Singapore Historic District
The historic district of Singapore was planned by its founder Sir Stamford Raffles and dates back to the 1820s when the British colonial administration sat down with a blueprint for the whole area. Their initial observation was that the left bank of the river would become the base for sea trade and the right bank cleared for administrators to run the new colony.
Sir Stamford Raffles official Town Plan of 1822 made specific reference to this area as a “Historic District”, with the nucleus being Padang, which was deemed suitable for official ceremonies. The development of this area progressed rapidly and it soon came home to Palladian and renaissance style government buildings, gothic style churches and European hotels, with an essential park created alongside the river for weekend recreation.
Sir Stamford Raffles built his home in what is considered to be the oldest part of the city; Fort Canning Park, in which archaeologists have unearthed artefacts dating back to earlier trading settlements and a sacred shrine that is thought to be the final resting place of the Sultanate of Melaka.
Today’s historic district provides a great opportunity for a heritage walk to take in Singapore’s colonial history. This journey back in time is best started at Clifford Pier where the very first British colonists set foot in the small fishing and trading community of Singapore. A walk up the Quay takes in the luxury Fullerton Hotel, which was once the island’s general post office.
Other notable landmarks in this area include Cavenagh Bridge, the only suspension bridge and one of the oldest bridges in Singapore, which was opened in 1870 to commemorate “Singapore’s new Crown Colony of the Straits Settlement” status in 1867. It is the oldest bridge in Singapore and still exists in its original form.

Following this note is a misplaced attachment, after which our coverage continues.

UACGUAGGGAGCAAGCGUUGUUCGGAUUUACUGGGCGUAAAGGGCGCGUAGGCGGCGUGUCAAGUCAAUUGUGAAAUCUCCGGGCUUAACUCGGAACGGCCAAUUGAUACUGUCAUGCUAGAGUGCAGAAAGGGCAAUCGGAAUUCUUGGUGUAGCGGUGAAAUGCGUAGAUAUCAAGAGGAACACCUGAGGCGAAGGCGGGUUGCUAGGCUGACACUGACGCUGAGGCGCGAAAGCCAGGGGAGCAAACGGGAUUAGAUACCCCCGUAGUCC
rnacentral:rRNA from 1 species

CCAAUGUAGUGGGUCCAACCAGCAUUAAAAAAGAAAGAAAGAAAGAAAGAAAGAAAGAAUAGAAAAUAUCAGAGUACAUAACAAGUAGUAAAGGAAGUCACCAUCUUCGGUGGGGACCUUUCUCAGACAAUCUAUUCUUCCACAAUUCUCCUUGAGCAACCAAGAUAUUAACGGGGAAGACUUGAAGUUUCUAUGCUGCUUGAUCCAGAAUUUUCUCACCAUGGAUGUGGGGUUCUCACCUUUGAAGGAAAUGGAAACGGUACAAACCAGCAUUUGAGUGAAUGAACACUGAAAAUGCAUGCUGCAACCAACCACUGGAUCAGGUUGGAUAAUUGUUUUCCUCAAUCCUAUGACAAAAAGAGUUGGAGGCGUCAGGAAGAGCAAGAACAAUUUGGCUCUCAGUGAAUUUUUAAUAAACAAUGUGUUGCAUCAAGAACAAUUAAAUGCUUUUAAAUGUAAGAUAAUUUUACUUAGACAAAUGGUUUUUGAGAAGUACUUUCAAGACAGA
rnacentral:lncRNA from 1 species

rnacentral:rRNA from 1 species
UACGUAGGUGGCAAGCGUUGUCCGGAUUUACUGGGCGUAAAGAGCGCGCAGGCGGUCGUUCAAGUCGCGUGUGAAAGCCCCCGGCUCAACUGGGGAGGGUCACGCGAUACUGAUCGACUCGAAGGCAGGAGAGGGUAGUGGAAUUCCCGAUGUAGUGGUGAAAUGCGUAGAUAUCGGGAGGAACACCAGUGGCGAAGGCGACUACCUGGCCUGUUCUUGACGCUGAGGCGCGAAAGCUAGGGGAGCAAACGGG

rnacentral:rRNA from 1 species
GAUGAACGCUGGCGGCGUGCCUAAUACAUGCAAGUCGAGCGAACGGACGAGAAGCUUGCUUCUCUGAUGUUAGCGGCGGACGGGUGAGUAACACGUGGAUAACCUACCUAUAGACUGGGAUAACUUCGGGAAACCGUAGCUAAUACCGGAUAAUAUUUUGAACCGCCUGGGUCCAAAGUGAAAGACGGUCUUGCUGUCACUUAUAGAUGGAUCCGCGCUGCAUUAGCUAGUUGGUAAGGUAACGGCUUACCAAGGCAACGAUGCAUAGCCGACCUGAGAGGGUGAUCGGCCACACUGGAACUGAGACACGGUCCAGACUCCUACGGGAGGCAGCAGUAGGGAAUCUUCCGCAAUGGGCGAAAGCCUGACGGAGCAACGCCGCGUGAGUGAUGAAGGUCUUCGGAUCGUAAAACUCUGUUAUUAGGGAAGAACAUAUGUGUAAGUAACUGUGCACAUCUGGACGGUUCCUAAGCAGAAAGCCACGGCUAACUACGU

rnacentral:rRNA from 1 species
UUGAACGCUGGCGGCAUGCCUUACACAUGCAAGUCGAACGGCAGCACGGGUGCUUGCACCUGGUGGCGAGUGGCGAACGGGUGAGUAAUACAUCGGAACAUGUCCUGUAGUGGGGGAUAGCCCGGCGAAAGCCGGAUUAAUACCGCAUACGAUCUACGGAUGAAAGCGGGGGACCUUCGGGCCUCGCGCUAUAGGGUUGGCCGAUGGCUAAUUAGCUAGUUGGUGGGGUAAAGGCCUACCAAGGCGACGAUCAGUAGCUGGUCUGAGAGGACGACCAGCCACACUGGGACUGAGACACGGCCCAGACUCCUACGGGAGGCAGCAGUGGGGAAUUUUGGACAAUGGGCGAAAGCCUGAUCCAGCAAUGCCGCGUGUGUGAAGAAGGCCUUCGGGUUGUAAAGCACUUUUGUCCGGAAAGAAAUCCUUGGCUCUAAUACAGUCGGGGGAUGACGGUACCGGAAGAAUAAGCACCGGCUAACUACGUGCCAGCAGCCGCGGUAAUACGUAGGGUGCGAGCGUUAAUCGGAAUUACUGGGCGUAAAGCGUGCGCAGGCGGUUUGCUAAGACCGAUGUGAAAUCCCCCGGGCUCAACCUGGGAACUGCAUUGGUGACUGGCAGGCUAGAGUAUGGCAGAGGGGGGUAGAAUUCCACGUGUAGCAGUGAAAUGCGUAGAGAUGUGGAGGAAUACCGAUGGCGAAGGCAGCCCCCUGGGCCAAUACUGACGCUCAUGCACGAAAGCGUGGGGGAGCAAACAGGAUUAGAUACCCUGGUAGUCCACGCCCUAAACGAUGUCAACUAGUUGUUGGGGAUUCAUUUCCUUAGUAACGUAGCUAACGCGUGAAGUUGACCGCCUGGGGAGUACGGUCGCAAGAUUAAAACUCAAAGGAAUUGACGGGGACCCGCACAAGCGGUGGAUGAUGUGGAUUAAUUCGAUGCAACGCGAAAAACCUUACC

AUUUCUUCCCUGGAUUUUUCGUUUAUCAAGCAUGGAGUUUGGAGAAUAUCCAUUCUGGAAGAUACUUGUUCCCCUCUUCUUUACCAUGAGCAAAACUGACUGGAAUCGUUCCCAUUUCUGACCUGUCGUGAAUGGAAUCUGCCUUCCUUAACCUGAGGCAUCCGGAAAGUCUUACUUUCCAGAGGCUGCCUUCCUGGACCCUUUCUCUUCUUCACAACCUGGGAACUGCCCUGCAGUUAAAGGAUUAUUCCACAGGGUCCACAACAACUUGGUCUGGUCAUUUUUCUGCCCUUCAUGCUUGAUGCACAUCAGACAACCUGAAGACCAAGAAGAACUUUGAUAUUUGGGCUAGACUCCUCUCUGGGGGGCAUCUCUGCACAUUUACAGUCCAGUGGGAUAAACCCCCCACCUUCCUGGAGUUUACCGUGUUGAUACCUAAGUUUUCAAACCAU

Another attraction positioned slightly back from the river is the imposing white Empress Place Building, home of the flagship Asian Civilisations’ Museum. Also close by is the actual landing spot of Sir Stamford Raffles and this is commemorated by a statue of him near to the quay. On St. Andrew’s Road stands the Old Parliament House, the oldest government building in Singapore, and close by is the Victoria Memorial Hall, built as a tribute to Queen Victoria in 1905.
Further up St. Andrew's Road, lies the Padang, or playing field, and close by is the Anglican St. Andrew’s Cathedral. Due northeast of this iconic colonial cathedral stands the renowned Raffles Hotel. This hotel is one of the great colonial hotels of South East Asia and it is worth buying a drink just to take in the opulence of the property. Other places of interest in the historic district are the Singapore Art Museum; the Armenian Church and the Singapore History Museum and of course historic Fort Canning Park.